Architecture photography – Playing with lines
One of the photographic styles that has attracted me the most and has always been architectural photography . You may dream of being an architect as a child or you may be a reincarnation of an illustrious architect of the past, I do not know. The fact is that I am comfortable as a photographer and I do not want to ask the oracle for the moment. Whenever I can, when I do architectural photography, one of my purposes is to play with the lines. I can concentrate on infinite shots to get the picture I have in mind, and I usually repeat the scene at the same time. It is good for me to repeat the building because every time I go I find new angles that I do not know.
Repeating photographic architecture allows me to know more about the building that in this case is the protagonist of the photo. When you repeat you always find new angles and lines to play with. You also study different hours of the day, your building can become a totally different one depending on the light and the angle of incidence of this on it, so I repeat time.
In this post today I will try to tell you what I like most about architectural photography and relate it to lines. I may disperse in the next paragraph and end up as peteneras, however this is not my intention.
I made this architecture photo in spring 2011, this is the Marenostrum Tower, designed by the architect Enric Miralles and Benedetta Tagliablue. In the same way that the hotel vela is one of my buildings fetish of Barcelona. You can see what I said in the title and in the introduction of this post, I love playing with the lines in architectural photography . I confess that in other photographic styles too.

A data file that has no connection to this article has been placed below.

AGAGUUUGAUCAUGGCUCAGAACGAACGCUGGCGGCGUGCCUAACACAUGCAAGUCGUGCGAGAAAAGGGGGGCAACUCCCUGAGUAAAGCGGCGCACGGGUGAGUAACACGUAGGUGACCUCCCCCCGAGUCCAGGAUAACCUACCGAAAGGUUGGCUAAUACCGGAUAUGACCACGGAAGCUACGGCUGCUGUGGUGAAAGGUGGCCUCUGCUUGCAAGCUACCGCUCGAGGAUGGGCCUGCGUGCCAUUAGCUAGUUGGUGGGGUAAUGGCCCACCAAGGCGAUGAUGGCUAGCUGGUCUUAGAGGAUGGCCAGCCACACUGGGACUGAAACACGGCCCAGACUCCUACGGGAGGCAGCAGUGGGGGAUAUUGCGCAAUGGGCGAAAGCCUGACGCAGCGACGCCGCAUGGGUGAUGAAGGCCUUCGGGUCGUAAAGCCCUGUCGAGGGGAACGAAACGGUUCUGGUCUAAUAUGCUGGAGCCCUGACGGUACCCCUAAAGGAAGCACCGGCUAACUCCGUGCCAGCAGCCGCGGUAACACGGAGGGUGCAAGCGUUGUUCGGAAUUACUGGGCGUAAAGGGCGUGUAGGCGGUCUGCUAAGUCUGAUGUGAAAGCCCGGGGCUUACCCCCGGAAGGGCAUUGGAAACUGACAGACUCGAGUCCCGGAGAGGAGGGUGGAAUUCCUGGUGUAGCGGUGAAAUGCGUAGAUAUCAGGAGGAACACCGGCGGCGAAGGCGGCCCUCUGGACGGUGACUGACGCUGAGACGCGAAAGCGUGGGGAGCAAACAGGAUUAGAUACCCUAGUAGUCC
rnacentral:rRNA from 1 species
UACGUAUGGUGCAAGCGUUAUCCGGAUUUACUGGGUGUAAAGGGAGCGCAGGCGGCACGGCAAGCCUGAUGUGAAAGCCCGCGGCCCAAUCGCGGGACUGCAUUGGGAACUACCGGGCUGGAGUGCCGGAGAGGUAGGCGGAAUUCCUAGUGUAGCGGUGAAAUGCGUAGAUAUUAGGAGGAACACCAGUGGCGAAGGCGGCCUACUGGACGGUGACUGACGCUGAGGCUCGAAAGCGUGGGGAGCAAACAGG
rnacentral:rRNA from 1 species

I do not pretend to mark style, nor even condition myself to see or understand photography from a concrete point of view. In fact in previous and in the current written in my blog what I always recommend is to experiment. Let a photographer follow his path. It seems to me in very bad taste and of little help to do otherwise.
What I am going to try in this post “Architecture Photography – Playing with the lines” is to give you different compositional ideas to those that you are used to reading in any other photography blog.
Before starting, study the building:
Arriving and kissing the saint may happen once, however it is not the most likely, nor will it help you improve your photos. To any building you have to know it thoroughly, find points, lines and angles that from the main facade you can not find. In this case, being a building, let’s say urban, you may have to walk several blocks. Stop in any of them and start photographing is fine. However, if you have studied the building at all angles, you will see intuitively where there is better light, what line set it has and if you can frame it in natural elements.
Straight, diagonal and curved lines:
All buildings have lines, these can be of various types. Straight, diagonal and curved lines. Do we play with them? It is very good and it is manual to always play with the horizon line, but … Is your building in the city isolated? Most likely not. There are other reasons besides the one mentioned so that I have fun playing with the lines. I know mine, you must know yours.
Manual architecture photography:
Manual architecture photography is what you see everywhere, which most people usually do. Fortunately and by different parents, there are more daring photographers than others and they use their way of understanding the photo to create really intriguing hieroglyphs with a single reflection of a crystal. I have a Dutch friend capable of fusing straight, curved and diagonal lines along with lights and shadows and even doors to another dimension. Maybe one day I’ll talk about him. If you want to make manual architecture photography there is a lot of information on the internet, thousands of books and hundreds of excellent photographers who practice it. My idea is that for this practice you omit that manual and try different compositions. Why not use a straight line of the building as a horizon?